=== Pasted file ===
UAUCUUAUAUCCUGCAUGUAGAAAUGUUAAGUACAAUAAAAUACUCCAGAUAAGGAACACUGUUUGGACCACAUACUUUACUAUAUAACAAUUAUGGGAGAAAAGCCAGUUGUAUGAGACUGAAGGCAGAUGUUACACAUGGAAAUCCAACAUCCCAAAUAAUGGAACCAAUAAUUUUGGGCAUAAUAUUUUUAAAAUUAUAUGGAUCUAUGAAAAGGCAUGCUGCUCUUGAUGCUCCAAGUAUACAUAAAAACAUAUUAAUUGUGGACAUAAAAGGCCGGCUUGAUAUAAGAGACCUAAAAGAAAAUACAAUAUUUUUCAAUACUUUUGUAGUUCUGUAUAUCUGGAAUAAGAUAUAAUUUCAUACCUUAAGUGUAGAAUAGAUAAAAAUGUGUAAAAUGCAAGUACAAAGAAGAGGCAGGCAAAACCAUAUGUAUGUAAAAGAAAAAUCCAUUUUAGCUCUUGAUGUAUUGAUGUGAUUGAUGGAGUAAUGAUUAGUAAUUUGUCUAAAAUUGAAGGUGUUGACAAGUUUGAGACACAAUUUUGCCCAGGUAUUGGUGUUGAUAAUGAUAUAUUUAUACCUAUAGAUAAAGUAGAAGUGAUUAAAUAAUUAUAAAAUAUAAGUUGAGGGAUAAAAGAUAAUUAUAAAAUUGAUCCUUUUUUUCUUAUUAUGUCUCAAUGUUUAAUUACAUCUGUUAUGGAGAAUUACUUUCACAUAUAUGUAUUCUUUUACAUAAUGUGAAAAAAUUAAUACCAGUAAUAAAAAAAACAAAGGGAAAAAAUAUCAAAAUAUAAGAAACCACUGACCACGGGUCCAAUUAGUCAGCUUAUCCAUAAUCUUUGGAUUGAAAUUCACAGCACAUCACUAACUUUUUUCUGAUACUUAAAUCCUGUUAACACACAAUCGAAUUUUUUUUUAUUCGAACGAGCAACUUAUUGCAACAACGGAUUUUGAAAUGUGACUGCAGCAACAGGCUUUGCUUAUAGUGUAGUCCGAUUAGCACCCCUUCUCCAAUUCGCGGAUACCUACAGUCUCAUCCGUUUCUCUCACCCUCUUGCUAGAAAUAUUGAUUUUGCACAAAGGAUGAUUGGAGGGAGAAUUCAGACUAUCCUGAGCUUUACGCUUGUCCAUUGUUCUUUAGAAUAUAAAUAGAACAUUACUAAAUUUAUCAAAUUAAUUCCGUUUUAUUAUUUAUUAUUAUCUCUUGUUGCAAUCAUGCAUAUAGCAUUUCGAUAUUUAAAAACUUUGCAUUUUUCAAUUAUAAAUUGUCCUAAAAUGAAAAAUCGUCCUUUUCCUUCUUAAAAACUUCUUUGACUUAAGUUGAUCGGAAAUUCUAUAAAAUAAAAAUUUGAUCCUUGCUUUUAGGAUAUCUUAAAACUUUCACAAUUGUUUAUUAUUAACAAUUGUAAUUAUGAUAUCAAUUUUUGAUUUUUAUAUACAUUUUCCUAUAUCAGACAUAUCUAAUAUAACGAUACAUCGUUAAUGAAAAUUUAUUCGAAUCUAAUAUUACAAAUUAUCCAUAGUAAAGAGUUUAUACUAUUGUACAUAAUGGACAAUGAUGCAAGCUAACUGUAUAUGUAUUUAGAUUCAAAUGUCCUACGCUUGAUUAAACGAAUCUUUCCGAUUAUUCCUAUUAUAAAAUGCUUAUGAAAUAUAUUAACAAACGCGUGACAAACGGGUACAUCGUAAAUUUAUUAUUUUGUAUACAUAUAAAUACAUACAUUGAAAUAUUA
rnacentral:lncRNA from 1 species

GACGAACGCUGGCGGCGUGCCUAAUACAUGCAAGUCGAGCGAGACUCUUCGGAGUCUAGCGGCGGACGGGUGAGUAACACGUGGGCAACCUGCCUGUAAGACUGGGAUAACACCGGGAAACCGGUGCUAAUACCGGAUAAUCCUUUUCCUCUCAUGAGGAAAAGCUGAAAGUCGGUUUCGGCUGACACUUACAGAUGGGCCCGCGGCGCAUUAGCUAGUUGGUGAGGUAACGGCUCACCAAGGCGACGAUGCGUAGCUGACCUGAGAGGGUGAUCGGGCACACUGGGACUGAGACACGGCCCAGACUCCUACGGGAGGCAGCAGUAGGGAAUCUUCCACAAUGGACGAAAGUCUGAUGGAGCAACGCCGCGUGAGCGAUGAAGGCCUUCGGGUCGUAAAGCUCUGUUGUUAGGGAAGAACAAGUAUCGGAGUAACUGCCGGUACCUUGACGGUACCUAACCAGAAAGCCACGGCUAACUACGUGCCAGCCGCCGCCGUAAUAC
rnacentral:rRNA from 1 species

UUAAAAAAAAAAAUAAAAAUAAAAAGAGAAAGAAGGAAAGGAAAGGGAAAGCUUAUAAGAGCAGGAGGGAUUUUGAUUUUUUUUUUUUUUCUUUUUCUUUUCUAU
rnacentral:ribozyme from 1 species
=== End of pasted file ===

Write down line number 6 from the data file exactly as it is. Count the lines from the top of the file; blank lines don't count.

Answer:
rnacentral:ribozyme from 1 species